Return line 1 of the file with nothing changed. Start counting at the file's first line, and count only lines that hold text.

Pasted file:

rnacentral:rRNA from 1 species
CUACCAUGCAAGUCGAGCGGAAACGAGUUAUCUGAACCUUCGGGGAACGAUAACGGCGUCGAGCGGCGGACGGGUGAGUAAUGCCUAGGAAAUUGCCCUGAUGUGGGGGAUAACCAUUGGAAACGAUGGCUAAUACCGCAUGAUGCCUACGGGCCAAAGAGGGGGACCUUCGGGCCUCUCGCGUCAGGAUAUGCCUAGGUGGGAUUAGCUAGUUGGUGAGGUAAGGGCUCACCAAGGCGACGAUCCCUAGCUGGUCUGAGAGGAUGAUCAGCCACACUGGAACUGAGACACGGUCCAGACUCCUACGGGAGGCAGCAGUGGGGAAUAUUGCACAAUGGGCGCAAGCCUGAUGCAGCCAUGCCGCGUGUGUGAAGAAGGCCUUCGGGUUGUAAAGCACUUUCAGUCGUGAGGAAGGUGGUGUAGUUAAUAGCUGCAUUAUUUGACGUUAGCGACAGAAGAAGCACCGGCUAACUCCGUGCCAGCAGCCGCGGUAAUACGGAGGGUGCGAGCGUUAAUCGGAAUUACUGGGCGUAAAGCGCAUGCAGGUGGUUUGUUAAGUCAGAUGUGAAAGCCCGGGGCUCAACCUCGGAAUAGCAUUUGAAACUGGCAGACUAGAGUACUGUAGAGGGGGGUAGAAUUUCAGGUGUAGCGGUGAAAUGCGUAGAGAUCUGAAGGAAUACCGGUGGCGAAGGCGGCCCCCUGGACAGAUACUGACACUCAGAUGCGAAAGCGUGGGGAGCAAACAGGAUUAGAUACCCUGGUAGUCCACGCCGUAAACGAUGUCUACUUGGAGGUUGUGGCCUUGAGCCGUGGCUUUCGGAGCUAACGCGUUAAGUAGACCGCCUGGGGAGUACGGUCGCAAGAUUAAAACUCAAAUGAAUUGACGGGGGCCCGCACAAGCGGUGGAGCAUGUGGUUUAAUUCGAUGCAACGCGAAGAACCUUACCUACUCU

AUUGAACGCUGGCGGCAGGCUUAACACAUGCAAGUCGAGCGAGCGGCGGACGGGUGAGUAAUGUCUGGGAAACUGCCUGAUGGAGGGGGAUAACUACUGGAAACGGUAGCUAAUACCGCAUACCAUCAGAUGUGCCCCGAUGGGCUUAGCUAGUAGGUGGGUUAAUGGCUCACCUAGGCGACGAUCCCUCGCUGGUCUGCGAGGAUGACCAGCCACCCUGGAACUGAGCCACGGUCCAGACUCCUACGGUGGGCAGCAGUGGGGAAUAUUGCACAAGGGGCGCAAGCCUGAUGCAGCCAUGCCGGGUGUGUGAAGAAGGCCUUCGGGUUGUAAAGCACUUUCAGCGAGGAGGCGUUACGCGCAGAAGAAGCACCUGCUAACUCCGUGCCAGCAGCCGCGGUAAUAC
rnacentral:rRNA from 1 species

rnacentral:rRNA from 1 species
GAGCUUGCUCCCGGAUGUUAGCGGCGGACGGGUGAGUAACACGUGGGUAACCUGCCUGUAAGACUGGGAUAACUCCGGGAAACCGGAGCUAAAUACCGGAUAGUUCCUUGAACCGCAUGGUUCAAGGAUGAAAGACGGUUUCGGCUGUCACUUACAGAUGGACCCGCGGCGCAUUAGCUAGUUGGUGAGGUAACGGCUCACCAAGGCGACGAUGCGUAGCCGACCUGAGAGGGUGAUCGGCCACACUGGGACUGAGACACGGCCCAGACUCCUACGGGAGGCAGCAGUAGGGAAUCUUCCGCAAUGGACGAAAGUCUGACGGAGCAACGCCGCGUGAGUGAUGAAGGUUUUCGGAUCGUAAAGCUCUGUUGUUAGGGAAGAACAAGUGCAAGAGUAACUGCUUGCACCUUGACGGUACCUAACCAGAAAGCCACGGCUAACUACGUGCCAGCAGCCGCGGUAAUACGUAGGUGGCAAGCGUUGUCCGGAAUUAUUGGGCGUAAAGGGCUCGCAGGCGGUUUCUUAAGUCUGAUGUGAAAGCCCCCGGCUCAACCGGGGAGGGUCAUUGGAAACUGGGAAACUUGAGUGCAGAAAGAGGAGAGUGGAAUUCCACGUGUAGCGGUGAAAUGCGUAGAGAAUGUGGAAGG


rnacentral:rRNA from 1 species